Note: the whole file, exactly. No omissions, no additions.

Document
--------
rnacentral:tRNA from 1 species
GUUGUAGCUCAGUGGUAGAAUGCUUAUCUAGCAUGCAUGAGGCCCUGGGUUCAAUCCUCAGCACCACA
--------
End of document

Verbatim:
rnacentral:tRNA from 1 species
GUUGUAGCUCAGUGGUAGAAUGCUUAUCUAGCAUGCAUGAGGCCCUGGGUUCAAUCCUCAGCACCACA